Update (11/6) - I apologize for this late update to the blog. It's the first time in my life I've ever had to wait in line at a polling booth--crazy times I guess. West Virginia isn't even a battleground state I thought. Looks like everyone wants to make their views known. Good for us :-)
Our storm system still moves up the seaboard on the models, though the NAM is hinting at a bit of a "laming out" of the storm. Both it and the GFS want the system to do a loop-de-loop south of Long Island, though the GFS is much more on the "I want to make snow on the way out" than the NAM. In my years forecasting for New England, usually the adage is that once a storm shows signs of becoming less of a big deal, it usually keeps doing that. We'll take a look at it for tomorrow's blog post, coming up in a few hours ;-)
For our weather, we're staying below normal in temperatures until this system kicks out of here, then it's on to that nice Indian Summer we've been telling you about. It's interesting to watch all the vorticity wrapped up in this system curl right around us such that we barely feel a thing from it-- not complaining, we deserve to sit one out sometimes.
It's back to Monday-- and here's to hoping for a less eventful week weather-wise for the tri-state area ;-) I could use a break.
Today's weather map features our baby storm system cutting through the plains on its way down south underneath high pressure that edges in locally.
|HPC - Monday PM|
Though we'll get some sunshine during the course of the next couple of days, the temperatures will continue to be some 5-10 degrees below normal (check out the 7-day forecast below for the particulars).
As for this storm system, though it's still days from making the turn and rapidly developing up the coastline, the models are still coalescing around an inland snow event. The NAM model, now that it's able to get a look at it, is trying to turn this thing into snowier possibilities--mainly by keeping it farther offshore.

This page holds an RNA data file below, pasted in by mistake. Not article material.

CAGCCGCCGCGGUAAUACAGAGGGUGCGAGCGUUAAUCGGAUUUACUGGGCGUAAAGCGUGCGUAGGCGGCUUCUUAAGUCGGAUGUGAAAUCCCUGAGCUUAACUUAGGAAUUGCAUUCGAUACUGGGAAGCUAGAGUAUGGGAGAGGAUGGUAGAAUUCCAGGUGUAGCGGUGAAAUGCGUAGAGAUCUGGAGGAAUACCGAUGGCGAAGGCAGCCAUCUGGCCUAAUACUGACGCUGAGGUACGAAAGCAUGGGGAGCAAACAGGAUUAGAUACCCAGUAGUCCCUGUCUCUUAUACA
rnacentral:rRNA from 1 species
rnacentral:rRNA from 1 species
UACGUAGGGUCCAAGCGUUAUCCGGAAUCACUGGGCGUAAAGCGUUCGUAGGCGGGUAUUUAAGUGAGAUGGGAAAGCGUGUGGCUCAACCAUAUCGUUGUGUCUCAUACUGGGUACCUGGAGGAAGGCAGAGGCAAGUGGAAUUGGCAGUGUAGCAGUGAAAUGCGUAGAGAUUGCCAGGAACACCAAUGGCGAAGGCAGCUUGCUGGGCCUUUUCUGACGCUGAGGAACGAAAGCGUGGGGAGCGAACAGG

|NAM - Wednesday AM||NAM - Thursday AM|
This storm strengthens (deepens) from 1004mb to 977mb between midnight Wednesday and Midnight Thursday. Whenever a storm strengthens with that kind of explosiveness, it is appropriately termed a "Bomb" cyclone. So, we're going to get another Nor'easter bomb off the Carolina coast and heading up the eastern seaboard. Here's how all the models are handling it's path:
|Model Storm Tracks|
That "X" is the target zone for a snow-event along the I-95 corridor in New England. It represents 70w / 40n on a longitude / latitude map. If you want to ball-park it, go straight east from central Jersey until you line up due south of Cape Cod. If you are a smidge north of this "X", you bring too much warm air in with you and change everything to rain for the big cities, keeping the snow inland. Too far south and you do stay cold, but most of the moisture is concentrated farther south and the few remaining snow lovers on the Cape enjoy some rare bliss. The energy in the Atlantic always wants to force those inside-the-benchmark storm tracks, so it takes an accompaniment of cold air (or a negative NAO climate pattern) to give it that extra something. In this example, it appears we're going to get the inland variety, though the NAM/CMC makes it interesting for the mountains of Western MA and CT. Regardless, a sub 980mb low is akin to near hurricane strength if it were a tropical system, so unfortunately the coastal areas already impacted by Sandy would need to stay sharp. Particularly New England this time.
And Then What Happens...
Often when we have a high amplitude jet stream, we can see a pattern develop that keeps the troughs over the same area for a while (week or two) before shifting it to a different area for a similar period of time. Well, we're going to get that shift in time for the weekend. Check out how our trough-ridge pattern tilts back to the west in the coming days:
|GFS - Thursday Morning||GFS - Saturday Morning|
With the ridge building over the east thanks to the deep digging trough out west, we'll certainly be warming up around here. 70 anyone?
The temperature outlook for the next week beyond keeps the mantle of the warm weather in the east, with the trough out west. These patterns can only last so long you know :-)
|6-10 Day Outlook - Temperature||6-10 Day Outlook - Precipitation|
|Regional Radar/Satellite with Warnings Tracking||
From the Storm Prediction Center (below): Click For a Larger Image
|Activity Overview||Storm Outlook||Watches||Potential Watches||Storm Reports|
|Temperatures||HD Doppler Radar||Estimated Rainfall||Active Warnings|
|Click For Larger||Click For Interactive Radar||Click For Larger||Click For Larger|
Have a great day everyone!